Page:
FACT:   According to the International Council of Shopping Centers the busiest shopping day of the year is actually the Saturday before Dec. 25. In fact, only 35% of respondents plan on shopping on BF—which is more good news for you. It won’t be as crowded as you thought!

  • They give away products for free on Black Friday

FICTION: Yeah, right. You may have been dipping into the cider a bit early if you really believe there are free door busters on Black Friday. The most you will get is some cheesy little ornament worth $2.99 given to the first 100 customers. This also means that sleeping outside the store to get something you think is free.

  • The Best prices of the year are found on Black Friday

FACT: Sorta. There is no doubt that some items will never be cheaper than on Black Friday, but other items may be part of a large retailer’s push to get those Saturday-before-Christmas shoppers and may cut their Black Friday prices. You can use a cool tool at Decide.com to help you figure out whether you should buy that item now or later. It uses data to help you decide the best time to buy a certain product.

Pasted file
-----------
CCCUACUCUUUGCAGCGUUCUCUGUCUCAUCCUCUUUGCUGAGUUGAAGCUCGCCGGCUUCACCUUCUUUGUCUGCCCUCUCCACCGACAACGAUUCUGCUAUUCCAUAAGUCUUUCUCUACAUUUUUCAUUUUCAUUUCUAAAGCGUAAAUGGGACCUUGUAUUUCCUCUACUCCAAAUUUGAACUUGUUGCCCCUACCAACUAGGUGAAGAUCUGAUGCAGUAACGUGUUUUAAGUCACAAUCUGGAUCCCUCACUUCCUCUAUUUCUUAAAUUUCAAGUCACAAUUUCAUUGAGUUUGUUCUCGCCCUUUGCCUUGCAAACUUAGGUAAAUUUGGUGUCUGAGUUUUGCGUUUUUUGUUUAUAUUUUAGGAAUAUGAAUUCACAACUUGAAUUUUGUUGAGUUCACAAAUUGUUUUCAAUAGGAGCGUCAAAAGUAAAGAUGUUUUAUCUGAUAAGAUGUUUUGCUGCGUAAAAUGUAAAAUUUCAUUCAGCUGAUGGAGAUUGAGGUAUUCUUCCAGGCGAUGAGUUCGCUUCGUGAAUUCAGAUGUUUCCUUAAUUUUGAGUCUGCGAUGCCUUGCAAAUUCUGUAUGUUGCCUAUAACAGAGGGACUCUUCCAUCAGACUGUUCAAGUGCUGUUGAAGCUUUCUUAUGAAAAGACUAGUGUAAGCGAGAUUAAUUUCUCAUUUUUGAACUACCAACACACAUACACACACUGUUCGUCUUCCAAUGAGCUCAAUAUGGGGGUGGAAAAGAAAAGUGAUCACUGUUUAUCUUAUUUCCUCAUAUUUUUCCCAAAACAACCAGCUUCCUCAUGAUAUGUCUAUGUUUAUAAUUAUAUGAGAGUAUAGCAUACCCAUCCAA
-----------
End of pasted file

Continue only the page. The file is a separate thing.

• Black Friday deals are worth sleeping on the curb to get

FICTION:  If you really love the great outdoors and want to sleep under the starts to get one of the 3 HDTV deals that Best Buy is offering in your city, then knock yourself out. But really, this year there are more BF deals available online and in the store as well. For example, this year Kohl’s is offering its online shoppers all early bird deals on Nov 21 and all day on Thanksgiving!  So unless you just have a whole lot of free time on your hands, I’d pass on the sleepover.